Experiments in Form Part 1: Limping

Some recent conversations with friends, along with a handful of other influences – skimming, for instance, the last book of essays published by the late Peter Steel, then picking up his last book of poems just today – have got me thinking about poetic form, about the vast range of forms out there which have kept poetry vital and inventive for a long time, many of which are largely neglected by contemporary poets. Why is this? When T.S. Eliot and Ezra Pound used free verse, it was a social statement, a rejection of an artistic order which no longer reflected the fragmentation of post-war reality. But even Eliot, after his conversion to Christianity, began to write more ordered, traditional poetry; and many today are starting to see that, if all we have is fragmentation, life is not much fun and does not make terribly much sense. Perhaps we are starting to see that form is not all that bad; perhaps we can see that form, in its place, can be helpful.

At the very least, I have been thinking increasingly about the value in form as a means of both creative challenge and artistic discipline. Working in a variety of forms forces me to improve as a writer, to increase my versatility, much in the way that an athlete works on their strength, fitness and flexibility and a musician works on their range.

And so you can expect to see me posting here some experiments with different poetic forms, both structurally and rhythmically. Today’s experiment is rhythmic. There are four types of poetic “feet” that can be used, and I am going to practise writing in each one, to see both how it is done and what effect it has.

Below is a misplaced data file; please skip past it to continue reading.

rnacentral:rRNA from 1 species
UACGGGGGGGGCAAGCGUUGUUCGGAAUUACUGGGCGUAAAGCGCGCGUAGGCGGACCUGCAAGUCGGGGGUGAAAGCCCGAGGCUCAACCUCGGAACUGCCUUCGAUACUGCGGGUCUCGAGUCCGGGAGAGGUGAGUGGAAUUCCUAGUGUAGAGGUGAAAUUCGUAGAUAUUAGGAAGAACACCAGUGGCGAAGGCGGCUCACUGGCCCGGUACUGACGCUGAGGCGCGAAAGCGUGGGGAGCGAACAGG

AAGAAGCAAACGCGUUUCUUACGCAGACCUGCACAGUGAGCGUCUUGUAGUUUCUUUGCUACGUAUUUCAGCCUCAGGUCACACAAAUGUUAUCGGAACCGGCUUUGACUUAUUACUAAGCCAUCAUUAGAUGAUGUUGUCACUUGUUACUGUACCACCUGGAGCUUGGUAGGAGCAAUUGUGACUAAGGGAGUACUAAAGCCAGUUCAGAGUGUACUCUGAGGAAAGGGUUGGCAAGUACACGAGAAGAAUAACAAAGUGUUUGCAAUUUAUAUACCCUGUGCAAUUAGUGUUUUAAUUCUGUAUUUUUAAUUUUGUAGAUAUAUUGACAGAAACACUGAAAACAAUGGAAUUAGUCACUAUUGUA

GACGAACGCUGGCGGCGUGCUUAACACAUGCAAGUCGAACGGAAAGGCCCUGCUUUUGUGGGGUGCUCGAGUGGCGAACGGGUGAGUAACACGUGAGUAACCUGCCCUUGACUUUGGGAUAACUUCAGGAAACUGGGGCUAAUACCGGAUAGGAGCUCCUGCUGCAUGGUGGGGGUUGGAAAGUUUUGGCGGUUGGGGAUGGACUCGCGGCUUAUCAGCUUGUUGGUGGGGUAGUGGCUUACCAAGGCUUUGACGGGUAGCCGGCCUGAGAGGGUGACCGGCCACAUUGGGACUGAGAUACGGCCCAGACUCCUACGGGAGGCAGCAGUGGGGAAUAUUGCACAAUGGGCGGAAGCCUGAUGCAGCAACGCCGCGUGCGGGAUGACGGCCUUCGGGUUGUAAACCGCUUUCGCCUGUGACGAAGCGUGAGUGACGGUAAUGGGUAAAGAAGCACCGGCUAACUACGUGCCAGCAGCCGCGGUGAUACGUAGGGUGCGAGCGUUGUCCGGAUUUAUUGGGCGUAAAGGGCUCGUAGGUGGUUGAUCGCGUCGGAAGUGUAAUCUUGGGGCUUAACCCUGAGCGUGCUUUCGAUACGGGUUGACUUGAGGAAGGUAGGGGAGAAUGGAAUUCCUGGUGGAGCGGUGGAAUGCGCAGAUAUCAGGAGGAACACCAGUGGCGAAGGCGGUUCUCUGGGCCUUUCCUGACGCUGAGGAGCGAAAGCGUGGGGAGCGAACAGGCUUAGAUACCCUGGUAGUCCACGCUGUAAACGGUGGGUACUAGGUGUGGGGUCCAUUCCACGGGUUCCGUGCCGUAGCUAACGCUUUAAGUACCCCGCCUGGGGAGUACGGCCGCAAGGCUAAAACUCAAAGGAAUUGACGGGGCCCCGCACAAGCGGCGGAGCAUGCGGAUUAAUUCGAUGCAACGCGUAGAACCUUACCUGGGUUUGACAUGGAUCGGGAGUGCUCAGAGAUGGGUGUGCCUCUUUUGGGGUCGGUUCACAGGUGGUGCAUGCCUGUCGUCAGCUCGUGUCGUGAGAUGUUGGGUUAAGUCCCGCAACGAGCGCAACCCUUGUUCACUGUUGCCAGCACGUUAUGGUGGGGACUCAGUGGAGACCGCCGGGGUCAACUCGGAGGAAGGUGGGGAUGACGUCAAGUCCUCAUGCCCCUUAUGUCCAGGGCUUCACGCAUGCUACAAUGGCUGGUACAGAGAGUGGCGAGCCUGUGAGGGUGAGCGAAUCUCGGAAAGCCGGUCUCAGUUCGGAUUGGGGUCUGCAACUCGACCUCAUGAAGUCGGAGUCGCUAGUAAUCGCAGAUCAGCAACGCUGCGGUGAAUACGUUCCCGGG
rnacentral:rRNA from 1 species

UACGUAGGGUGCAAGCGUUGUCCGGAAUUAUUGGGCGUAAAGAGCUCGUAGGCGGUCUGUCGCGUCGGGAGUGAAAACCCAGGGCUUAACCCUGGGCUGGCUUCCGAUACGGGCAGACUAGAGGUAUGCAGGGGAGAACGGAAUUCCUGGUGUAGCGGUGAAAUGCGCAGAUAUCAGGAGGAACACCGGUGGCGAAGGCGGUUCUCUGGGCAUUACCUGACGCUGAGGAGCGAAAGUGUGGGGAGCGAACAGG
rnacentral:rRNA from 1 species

My first experiment is in the most famous and, for me, the most familiar and comfortable of the feet – the iambic foot. “Iambic” actually means “limping”, and so I am playing with that idea in this poem. At its best, form always complements meaning, so today’s poem is a slightly literal investigation into how that works.


We wrestle until dawn, somehow
Conjoined yet poles repelling,
Consumed within the action and
The tension of division:

How here we stand and there we push
And now we pull asunder,
And then you strike my hip and tear
My pride out of its socket;

The limping, wounded wrestler leaves,
Victorious, yet defeated,
Dying, and yet given new life,
Broken and yet still wrestling.

I am including here the handwritten version of the poem for those interested in seeing the creative process. The symbols above the words indicate the unstressed beats (breve, indicated with a loop) and the stressed beats (indicated with an accent).


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